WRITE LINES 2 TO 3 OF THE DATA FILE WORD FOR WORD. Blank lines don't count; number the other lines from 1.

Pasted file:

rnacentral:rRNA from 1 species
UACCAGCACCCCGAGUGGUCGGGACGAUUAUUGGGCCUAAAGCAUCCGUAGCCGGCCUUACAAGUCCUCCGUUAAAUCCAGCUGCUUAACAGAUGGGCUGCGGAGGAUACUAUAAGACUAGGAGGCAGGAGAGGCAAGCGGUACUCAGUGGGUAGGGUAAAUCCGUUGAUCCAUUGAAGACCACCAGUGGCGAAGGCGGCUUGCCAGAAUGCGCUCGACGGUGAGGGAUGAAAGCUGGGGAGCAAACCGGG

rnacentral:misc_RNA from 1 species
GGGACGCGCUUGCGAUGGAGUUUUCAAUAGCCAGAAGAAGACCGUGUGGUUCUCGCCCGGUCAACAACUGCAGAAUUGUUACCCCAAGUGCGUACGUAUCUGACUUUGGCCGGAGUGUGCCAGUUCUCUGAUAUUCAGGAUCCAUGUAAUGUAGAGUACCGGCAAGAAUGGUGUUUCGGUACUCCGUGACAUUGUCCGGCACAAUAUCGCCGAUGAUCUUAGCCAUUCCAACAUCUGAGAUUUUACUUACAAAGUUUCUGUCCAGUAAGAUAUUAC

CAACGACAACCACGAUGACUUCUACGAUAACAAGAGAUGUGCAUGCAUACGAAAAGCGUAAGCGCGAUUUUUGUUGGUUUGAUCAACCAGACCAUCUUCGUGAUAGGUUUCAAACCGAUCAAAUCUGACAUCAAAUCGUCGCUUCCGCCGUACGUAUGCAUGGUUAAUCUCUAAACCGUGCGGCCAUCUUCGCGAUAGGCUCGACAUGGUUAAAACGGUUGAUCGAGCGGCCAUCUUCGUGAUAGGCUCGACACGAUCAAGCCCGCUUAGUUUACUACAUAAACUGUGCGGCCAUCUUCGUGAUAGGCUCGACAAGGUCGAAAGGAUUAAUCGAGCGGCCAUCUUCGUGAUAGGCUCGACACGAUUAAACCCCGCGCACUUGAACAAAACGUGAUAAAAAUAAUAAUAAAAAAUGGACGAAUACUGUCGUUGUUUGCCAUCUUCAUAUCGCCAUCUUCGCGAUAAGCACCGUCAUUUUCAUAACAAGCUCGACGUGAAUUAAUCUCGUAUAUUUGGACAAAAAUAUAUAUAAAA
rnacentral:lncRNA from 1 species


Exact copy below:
UACCAGCACCCCGAGUGGUCGGGACGAUUAUUGGGCCUAAAGCAUCCGUAGCCGGCCUUACAAGUCCUCCGUUAAAUCCAGCUGCUUAACAGAUGGGCUGCGGAGGAUACUAUAAGACUAGGAGGCAGGAGAGGCAAGCGGUACUCAGUGGGUAGGGUAAAUCCGUUGAUCCAUUGAAGACCACCAGUGGCGAAGGCGGCUUGCCAGAAUGCGCUCGACGGUGAGGGAUGAAAGCUGGGGAGCAAACCGGG

rnacentral:misc_RNA from 1 species